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Are there any algorithms (or software libraries) that can be used to detect the similarity of concepts in text, regardless of articulation, grammar, synonyms, etc.?

For example, these phrases:

Outside, it is warm.

Outside, it is hot.

Outside, it is not cold.

It is not cold outside.

Should be similar to this phrase:

It is warm outside.

Ideally, the algorithm (or software) would be capable of generating a score from 0 to 1, based on the concept similarity. The goal is to use this algorithm or software to map a large number of statements to a single, similar original statement. It is for this mapping of a given statement to the original statement that the aforementioned similarity score would be generated.

Does such an algorithm (or software) already exist?

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2 Answers 2

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Doc2Vec

Doc2Vec comes to mind, here's the original publication. The approach has been shown to be very successful for certain NLP-based problems, though I haven't personally used it for a project yet.

There are a number of implementations of Doc2Vec. If you're using Python, one to look at is gensim.

Word2Vec

Word2Vec is similar to Doc2Vec and perhaps more in line with what you're looking for. Here's the original publication, and another publication that does a nice job explaining it further.

Tensorflow has a tutorial for setting up a Word2Vec model. Gensim also has a Word2Vec implementation.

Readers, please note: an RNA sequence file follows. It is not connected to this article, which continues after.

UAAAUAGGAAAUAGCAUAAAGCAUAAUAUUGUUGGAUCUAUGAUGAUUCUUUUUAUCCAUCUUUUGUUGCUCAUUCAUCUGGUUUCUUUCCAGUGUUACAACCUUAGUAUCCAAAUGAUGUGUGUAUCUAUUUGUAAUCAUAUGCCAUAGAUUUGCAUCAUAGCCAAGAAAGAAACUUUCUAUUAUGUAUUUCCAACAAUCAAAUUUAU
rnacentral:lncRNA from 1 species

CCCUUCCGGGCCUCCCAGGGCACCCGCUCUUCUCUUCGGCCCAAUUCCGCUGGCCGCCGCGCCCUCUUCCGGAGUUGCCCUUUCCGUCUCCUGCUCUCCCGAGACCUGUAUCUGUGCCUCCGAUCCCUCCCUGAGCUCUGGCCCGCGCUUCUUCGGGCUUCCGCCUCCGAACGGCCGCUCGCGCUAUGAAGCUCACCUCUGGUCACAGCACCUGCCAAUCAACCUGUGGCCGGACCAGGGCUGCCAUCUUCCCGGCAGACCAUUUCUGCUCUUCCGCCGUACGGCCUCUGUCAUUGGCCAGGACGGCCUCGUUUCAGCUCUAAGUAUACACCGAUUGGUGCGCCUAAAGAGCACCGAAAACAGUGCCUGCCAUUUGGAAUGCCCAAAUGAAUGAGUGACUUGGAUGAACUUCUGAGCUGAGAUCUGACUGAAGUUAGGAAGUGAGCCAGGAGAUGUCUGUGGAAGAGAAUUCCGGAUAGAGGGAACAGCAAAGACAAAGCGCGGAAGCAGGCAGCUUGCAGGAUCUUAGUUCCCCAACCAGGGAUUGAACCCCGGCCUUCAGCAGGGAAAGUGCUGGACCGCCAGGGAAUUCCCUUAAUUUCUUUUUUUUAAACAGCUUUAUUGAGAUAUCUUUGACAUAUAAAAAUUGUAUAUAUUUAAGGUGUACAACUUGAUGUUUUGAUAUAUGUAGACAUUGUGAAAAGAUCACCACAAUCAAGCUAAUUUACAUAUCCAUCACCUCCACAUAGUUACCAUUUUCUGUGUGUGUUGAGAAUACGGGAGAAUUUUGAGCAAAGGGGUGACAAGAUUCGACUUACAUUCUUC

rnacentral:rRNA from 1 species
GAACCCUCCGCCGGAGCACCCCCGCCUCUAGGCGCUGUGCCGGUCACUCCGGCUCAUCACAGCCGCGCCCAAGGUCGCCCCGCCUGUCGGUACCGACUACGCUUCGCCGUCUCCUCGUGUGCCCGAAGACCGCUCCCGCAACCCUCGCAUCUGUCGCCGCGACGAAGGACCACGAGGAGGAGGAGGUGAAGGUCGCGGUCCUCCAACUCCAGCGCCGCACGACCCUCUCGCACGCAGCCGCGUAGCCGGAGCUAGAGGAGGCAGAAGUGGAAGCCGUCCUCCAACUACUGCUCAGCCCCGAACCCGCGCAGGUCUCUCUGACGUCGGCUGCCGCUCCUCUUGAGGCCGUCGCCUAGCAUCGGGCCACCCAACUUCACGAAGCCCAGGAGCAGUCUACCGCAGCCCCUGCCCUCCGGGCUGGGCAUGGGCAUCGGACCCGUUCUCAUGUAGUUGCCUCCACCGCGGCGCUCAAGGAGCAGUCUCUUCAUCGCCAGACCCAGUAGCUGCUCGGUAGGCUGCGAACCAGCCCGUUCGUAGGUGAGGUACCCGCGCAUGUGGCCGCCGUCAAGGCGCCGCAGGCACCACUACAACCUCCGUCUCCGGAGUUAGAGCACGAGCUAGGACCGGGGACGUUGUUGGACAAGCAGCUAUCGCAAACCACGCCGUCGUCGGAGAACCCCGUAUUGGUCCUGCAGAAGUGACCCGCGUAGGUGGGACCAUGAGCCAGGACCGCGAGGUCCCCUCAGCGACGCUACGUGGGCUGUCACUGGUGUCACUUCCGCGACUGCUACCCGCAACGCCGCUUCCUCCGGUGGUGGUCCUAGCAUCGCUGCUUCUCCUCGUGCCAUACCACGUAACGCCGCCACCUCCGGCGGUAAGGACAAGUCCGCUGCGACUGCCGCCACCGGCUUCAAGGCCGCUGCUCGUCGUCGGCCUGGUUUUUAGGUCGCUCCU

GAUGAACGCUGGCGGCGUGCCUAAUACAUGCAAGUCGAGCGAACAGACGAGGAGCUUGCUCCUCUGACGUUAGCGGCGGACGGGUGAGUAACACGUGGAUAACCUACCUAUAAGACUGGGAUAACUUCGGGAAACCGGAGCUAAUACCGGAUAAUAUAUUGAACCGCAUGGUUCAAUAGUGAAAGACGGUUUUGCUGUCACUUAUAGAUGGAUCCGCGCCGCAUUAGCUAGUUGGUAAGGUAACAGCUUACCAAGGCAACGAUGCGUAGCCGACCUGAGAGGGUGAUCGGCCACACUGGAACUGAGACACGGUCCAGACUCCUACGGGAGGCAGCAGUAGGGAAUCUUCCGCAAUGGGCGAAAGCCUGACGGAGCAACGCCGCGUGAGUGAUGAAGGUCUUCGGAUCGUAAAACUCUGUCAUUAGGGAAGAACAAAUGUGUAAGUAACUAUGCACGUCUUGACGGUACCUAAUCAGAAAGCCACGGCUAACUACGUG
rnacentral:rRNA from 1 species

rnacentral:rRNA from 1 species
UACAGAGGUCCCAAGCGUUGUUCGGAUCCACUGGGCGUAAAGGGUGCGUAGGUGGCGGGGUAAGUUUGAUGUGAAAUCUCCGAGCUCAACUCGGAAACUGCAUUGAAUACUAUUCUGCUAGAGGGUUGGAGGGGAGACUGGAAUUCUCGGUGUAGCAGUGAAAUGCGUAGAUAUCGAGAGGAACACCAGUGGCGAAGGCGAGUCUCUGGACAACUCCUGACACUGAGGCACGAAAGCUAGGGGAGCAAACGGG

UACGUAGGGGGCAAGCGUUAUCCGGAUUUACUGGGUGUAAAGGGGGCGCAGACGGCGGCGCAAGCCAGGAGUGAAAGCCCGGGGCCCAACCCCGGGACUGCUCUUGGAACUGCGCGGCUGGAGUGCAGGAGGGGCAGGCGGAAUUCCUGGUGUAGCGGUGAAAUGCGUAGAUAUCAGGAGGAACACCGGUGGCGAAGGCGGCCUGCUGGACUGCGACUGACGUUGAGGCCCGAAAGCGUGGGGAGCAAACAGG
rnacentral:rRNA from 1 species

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  • $\begingroup$ Word2Vec (and probably Doc2Vec) can be used to learn embeddings, but are they used directly to compare "concept similarity"? Or do you need to learn the embeddings first and then use some kind of "similarity metric" between embeddings? Also, why would you learn embeddings, and what do they represent? This is not clear from this answer. So, I think you should edit this answer to clarify that. I am familiar with these concepts, so I have an idea of what the answers to my questions here are, but I suspect that, in this form, this answer doesn't directly answer the original question. $\endgroup$
    – nbro
    Jan 23 at 10:25
  • $\begingroup$ @nbro I wrote this answer five years ago. While I stand by it for the the reasons that 1. Word2Vec embeddings enable one to do concept arithmetic over learned embeddings, and 2. all the examples described in the OPs question would be embedded closely to one another in a Word2Vec embedding (and this distance could be measured and normalized to the range [0,1] as needed), I suspect that there are better solutions now. If you feel these two points aren't sufficient explanation for the community, feel free to add your own answer with an update. $\endgroup$
    – Greenstick
    Jan 24 at 17:28
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In machine translation, there is a widely used BLEU score ( https://en.wikipedia.org/wiki/BLEU ). It simply counts the matching n-grams between two segments of text and returns a 0-1 score based on that.

The problem with this method is that it would give the same score to pairs "It is hot"/"It is cold" and "It is hot" / "It is warm". There is no nuance for spelling or synonyms: for each word, you either have a literal match or you don't.

A recent refinement to BLEU is BLEURT (https://arxiv.org/abs/2004.04696). The key idea is to also look at BERT embedding for both segments of text, which now allows you to notice that "hot/warm" are more similar than "hot/cold", and produce a more nuanced score.

This is all specific to machine translation evaluation , and may or may not work for your specific application.

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